Washington – Monday President Barack Obama spoke to states governors about the looming shutdown of Homeland Security by Congress and projected Medicaid funding losses. The President warned state governors that the Homeland Security shutdown could have a direct impact on local economies, casting it as the latest of the “manufactured crises and self inflicted wounds” bogging down Congress.
“Unless Congress acts, one week from now, more than 100,000 DHS employees, border patrol, port inspectors, TSA agents, will show up to work without getting paid,” said Obama during a White House speech to the National Governors Association.
At present The White House is ramping up its warnings with Congress facing a Friday deadline to fund the Department of Homeland Security before the department’s funding is gone.
Republicans want to use a funding bill as a vehicle to halt the president’s recent immigration executive actions, but Democrats aren’t backing that proposal and instead calling for a clean funding bill.
White House press secretary Josh Earnest said Monday that a Department of Homeland Security shutdown might be in sight, as he’s not confident that Congress will pass a funding bill before the Friday deadline.
Also part of the conversation the president highlighted the bipartisan group of governors that agreed to extend Medicaid under the Affordable Care Act. Billions of dollars of Medicaid funding is tied to the Affordable Care Act and unless your state is willing to work with the White House they could be in serious financial trouble.
The president told the governors attending today’s meetings that by not working with the White House they could be putting their states poor at risk.
“If your state isn’t one of the 28 that’s expanded Medicaid, I’d urge you to consider it because our team is prepared to work with you to make it happen,” Obama said. “Because some of you may not always agree with my approach or policies, I think we can all agree that it’s a good thing when a family doesn’t lose a home just because a member of that family gets sick.”
Meanwhile, back on the Healthcare front The New York Times reports that some states are working hard to put something into place to deal with the White House while trying to save face with local legislators.
According to the Kaiser Foundation (click here) here is a list of how each state stands on the Medicaid Expansion issue.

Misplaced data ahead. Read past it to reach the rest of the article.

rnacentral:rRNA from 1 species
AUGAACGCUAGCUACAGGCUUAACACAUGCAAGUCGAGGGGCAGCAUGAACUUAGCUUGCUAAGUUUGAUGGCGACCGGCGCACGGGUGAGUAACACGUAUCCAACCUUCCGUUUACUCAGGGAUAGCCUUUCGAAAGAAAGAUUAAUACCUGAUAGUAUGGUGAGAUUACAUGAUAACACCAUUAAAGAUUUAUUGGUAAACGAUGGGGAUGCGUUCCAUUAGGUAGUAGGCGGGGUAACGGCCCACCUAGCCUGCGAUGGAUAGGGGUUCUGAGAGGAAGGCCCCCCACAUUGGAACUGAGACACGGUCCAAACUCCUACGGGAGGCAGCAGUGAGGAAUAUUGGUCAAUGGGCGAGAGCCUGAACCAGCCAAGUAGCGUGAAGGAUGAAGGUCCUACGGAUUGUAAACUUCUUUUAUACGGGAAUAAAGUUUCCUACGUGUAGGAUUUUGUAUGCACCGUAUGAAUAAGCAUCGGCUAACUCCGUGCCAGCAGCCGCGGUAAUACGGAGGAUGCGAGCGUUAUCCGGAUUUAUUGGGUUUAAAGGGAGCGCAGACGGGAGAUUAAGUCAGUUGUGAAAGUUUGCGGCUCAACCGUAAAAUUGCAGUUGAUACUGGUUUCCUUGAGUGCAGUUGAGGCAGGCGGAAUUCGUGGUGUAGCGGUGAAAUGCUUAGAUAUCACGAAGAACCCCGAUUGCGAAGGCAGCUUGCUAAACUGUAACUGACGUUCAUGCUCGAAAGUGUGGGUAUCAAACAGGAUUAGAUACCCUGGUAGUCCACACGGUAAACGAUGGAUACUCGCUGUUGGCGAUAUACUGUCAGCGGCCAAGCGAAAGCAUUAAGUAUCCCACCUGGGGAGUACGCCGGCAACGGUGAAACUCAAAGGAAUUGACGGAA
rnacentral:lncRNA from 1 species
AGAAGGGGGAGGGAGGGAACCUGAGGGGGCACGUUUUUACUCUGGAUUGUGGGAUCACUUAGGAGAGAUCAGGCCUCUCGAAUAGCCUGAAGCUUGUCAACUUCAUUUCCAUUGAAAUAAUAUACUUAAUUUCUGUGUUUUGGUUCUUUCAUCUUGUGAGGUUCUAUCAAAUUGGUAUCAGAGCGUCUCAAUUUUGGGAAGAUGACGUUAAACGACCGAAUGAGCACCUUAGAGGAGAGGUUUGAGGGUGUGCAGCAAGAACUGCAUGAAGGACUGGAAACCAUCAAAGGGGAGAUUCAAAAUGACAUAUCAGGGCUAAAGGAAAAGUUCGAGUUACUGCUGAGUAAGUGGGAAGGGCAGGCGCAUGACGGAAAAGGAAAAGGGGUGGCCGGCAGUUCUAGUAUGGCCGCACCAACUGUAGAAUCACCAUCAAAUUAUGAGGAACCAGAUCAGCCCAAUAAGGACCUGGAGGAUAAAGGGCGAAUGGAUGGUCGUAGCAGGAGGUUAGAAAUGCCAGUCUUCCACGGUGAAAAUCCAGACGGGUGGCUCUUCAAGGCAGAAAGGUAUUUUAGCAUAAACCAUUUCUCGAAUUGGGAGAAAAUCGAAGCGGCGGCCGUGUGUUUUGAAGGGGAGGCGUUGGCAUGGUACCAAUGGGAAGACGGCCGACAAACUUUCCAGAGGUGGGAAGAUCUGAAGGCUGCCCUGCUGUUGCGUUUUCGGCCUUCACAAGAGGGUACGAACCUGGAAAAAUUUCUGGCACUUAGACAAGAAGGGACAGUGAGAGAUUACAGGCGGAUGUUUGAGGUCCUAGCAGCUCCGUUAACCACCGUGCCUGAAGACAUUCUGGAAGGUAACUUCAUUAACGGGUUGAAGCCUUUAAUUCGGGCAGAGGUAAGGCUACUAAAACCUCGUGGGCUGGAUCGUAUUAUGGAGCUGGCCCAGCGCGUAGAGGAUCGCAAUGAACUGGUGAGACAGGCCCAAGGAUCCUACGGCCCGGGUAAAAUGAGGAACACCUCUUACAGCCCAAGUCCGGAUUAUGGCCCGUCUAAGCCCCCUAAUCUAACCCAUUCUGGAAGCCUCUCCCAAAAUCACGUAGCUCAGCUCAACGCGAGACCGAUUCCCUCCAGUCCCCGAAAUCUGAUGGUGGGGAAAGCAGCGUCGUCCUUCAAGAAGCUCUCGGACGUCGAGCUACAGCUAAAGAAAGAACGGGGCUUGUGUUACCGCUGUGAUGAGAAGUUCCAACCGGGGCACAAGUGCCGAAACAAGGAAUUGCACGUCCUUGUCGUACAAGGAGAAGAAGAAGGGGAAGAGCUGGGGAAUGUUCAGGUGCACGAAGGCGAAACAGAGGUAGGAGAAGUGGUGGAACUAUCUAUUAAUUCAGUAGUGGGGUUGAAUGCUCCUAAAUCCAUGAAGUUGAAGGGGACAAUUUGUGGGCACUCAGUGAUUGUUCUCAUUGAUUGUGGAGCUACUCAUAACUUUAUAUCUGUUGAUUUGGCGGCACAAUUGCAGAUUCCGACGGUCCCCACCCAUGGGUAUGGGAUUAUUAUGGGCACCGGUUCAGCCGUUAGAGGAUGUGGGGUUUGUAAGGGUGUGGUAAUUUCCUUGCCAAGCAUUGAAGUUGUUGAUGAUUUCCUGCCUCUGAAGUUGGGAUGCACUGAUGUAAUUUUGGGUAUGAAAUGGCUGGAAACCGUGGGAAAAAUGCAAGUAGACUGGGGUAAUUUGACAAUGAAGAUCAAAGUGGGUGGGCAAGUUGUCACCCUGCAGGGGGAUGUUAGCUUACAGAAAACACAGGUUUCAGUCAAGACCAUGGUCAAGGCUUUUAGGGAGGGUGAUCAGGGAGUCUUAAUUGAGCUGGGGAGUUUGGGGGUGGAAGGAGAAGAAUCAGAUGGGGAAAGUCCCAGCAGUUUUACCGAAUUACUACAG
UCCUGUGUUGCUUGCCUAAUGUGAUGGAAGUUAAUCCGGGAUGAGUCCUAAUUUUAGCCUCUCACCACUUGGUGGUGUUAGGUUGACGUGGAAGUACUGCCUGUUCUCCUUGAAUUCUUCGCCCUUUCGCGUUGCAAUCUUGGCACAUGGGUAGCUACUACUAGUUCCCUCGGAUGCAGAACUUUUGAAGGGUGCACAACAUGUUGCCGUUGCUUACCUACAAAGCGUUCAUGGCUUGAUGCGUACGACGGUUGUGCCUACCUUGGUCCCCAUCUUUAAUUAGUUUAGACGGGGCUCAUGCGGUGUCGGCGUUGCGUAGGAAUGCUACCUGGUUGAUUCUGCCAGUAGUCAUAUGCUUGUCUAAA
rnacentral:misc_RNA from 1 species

Of the 28 states on board with Medicaid Expansion, there are 10 states with Republican governors whose initial opposition gave way to pressure from voters, hospitals and patient advocates to grab the federal Medicaid dollars and the new jobs that come with it.
There are a few high profile conservatives on that list of 10 including Ohio Gov. John Kasich, New Jersey Gov. Chris Christie , and Indiana Gov. Mike Pence. These 10 governors have reluctantly embraced a key pillar of the Affordable Care Act, knowing the Medicaid plan could tarnish their conservative “street cred” with large swaths of GOP voters and opinion makers.
So why did the 10 GOP state leaders sign on to the Medicaid Expansion deal with the White House? One simple word – M-O-N-E-Y. They do not want their residents to left out in the cold without health care and it might be bad politics now, but perhaps not in the long run.
In Florida, business leaders and hospital executives are pressuring Gov. Rick Scott and conservative legislative leaders to consider alternative expansion plans in the session that starts next month. And in Alaska, the new governor, Bill Walker, an independent, wants to persuade state lawmakers to agree to expand Medicaid by the start of the new fiscal year on July 1.
Meanwhile, in Idaho, an alternative Medicaid expansion plan, put forth by a task force appointed by Gov. C. L. Otter may go before the Legislature in the next few months.
For the record Medicaid expansion has been a contentious issue since it was first announced as part of the federal Affordable Care Act.
Florida Democrats and some Senate Republicans have said the state should go ahead and accept an estimated $51 billion in funds the White House is offering in federal money to expand the program, which provides health insurance for the poor. It is an issue that the vast majority of the state’s business associations and healthcare providers agree with by a very vocal majority.
But the conservative Florida House has blocked Medicaid expansion for the past two years. Some Republican representatives are philosophically opposed to accepting the federal funds because it would grow the national debt. Others have argued that the federal health insurance program is too broken to expand, and Florida ought to come up with its own, more sustainable plan. At present no plan is being explored or even talked about by lawmakers.
While the legislature continues to battle in Tallahassee, an estimated 800,000 to 1million Floridians remain uncovered by insurance.